Written by Ron Dale
Tuesday, 16 July 2013 23:29
Wednesday July 3:
Trying to get the car and trailer ready for my first ever trip to Mazda Raceway Laguna Seca. My normal routine is very hard to follow because of 113 degree heat! I can only pack up the trailer for 10 minutes at a time before sneaking back into the house to sit under an a.c. vent. I finally got the race car washed but I ended up getting more water on me and the dogs than the car.
Friday July 5:
We planned on leaving the house early to beat the projected 100+ degree heat but details slowed us and we didn't get on the road until after 12pm. The drive should take about 4 1/2 hours which will get us there about the time they open the gates at 5pm. Kim and I really enjoy long drives together and this one was no exception. Great conversation, great company, and plenty to see along the way made for a pleasant trip. Traffic got heavier as we got closer to the coast, and thankfully the temperature was dropping dramatically! We left home at 104 degrees and hit 61 when we saw the ocean.
We pulled up to the state park gate a few minutes before 5 and the wait began. It wasn't boring however as everybody was excited to be there. NASA doesn't run Laguna often plus this was also a Northern/Southern Cal crossover event so there were lots of new faces and people to meet. At 6 we were allowed to line up to get in the paddock but the queue was long!! Everybody behaved and the line moved slowly but steadily. We got our paddock set up, had dinner and then Charlie Buzzetti snuck us on the track for a track walk to help familiarize us Laguna rookies with the nuances you can't get from a video game. Charlie's got a lot of laps here and his insights were very helpful and appreciated but now I'm nervous! This track looks tough and a mistake can be costly! Am I up for the challenge?
Saturday July 6:
A show of hands at the morning drivers meeting showed that over half the drivers had never been to this track so I didn't feel so nervous. We will all be learning together. Fourteen spec 944's lined up on the grid for morning warmup. Some faces and cars were familiar to me but others were not. As we headed out on track I was thinking that I didn't want to mess up anybody's session while learning the track, and I also wanted to hook up with Jim Richmond or Tom Atteberry, who both graciously said they would let me follow them while getting my feet wet. A group of us stayed together for a few laps but when I felt more comfortable I got some track space of my own and tested the limits. I turned a time of 1:51 which was good for fourth fastest but I knew others would be picking it up for qualifying. A fast time at this track is in the mid to high 1:40's.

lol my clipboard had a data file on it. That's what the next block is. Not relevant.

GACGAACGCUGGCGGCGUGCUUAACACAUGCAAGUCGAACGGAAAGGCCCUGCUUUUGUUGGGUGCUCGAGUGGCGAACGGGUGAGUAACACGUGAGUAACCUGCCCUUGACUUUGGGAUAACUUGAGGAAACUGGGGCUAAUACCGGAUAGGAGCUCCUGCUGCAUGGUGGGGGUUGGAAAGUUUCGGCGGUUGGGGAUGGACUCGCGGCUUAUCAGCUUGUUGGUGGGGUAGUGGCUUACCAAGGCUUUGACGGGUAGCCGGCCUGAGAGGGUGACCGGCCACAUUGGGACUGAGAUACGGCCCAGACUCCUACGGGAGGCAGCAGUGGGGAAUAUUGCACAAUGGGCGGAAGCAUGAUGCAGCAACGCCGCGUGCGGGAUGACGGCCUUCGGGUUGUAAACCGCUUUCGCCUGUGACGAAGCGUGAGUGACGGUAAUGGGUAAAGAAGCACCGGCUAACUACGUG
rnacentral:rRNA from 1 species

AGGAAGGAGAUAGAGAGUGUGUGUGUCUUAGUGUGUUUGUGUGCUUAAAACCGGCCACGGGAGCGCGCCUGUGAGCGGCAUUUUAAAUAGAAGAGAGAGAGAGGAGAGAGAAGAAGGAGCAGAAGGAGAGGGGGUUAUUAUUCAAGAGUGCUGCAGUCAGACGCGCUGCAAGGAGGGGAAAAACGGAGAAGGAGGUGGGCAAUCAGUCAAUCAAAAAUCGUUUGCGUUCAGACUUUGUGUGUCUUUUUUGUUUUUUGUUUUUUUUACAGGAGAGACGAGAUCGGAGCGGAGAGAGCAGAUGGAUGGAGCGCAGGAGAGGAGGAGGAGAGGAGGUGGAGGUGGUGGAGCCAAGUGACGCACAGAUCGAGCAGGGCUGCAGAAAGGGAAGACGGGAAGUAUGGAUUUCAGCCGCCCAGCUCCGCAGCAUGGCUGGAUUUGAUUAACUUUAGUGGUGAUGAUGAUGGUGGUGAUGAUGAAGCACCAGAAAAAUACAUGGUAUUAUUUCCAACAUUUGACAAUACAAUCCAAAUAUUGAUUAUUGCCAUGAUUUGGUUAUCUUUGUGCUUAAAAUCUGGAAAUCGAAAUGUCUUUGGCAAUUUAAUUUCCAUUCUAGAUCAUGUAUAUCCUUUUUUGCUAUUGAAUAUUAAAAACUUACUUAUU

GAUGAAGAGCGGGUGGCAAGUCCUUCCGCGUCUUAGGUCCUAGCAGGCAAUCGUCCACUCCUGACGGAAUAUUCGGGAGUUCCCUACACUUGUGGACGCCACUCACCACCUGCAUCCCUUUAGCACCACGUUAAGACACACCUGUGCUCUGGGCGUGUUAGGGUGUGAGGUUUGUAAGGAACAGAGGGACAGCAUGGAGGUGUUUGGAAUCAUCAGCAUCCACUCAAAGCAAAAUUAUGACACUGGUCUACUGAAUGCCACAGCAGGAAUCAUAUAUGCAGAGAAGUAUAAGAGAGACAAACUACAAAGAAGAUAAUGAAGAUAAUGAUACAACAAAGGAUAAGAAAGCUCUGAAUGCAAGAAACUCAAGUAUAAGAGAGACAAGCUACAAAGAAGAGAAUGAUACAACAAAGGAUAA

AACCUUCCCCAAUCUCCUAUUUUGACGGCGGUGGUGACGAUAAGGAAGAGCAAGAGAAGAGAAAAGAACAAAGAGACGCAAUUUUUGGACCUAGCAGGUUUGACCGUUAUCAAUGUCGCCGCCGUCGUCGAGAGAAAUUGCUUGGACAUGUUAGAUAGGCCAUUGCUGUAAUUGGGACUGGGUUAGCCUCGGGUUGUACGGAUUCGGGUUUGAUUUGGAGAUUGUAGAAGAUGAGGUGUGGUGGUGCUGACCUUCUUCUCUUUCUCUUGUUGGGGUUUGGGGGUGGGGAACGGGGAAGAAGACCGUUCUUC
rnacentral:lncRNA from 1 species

As predicted times dropped dramatically for qualifying with Norm Hamden snagging pole followed by Charlie.
I got fifth behind Steve Lewis and Jim Foxx. Behind me the gap was nowhere near as big as warmups with just a second separating most of us. Ken Meyers and Jim Richmond, two very good racers(well, everybody in this field are very good!) with experience at this track were starting right next to or behind me so I had to get a good start. Didn't happen! I timed it wrong and Jim R got it right and pulled alongside me going into 1. I tried to give him room but didn't have much myself because Ken was inside and pulling away! Jim had to hit the dirt as I squeezed him out. I hated to do that to him but I didn't have any room myself. Ken and I funneled into turn 2 side by side with Jim R pressuring us hard! Directly in front of us Jim Foxx went off and came back on in front of me. I was sure I'd hit him so lifted(ARRGGG!!!) and Jim R took full advantage and got alongside as Ken and Jim Foxx pulled a gap. Into 3 Jim R got sideways and that's all I needed. I pulled some space and set sail for the two in front of me. When they went side by side through turn 4 I got a good run, passed Ken but couldn't clear Jim Foxx. Jim R cleared Ken because of mechanical issues and we settled into that order.
I chased Jim Foxx and Steve Lewis as they battled. I couldn't catch them so just waited. Sure enough, Jim Foxx went off and hit the wall damaging the car. I tried catching Steve but couldn't. Late in the race my car started oversteering real bad, and Jim R was turning fast laps and catching up quickly. Luckily he ran out of laps and I finished fourth out of fourteen. Not bad. Sitting in impound it occurred to me that I'm in the company of some of the best in the country and felt very honored and proud of how far Kim and I have come. My moment of revelry was short lived however when iI rolled up to the scales. With the cool weather I didn't have my Coolshirt box full. I filled it full of gas to make up for it but did I do enough? I sat for a long time on the scales getting weird looks from the tech guy. He asked me how much minimum weight was supposed to be and gave me a look when I told him. 2603! Way too close for comfort. I'll add more ballast when I get home.
Dinner was great. Kim and I couldn't wait for the planned potluck so we snagged some ribs from the NASA bbq but still ate with the group later. Charlie won, Norm second, Steve third. Just missed a podium but still a great day!!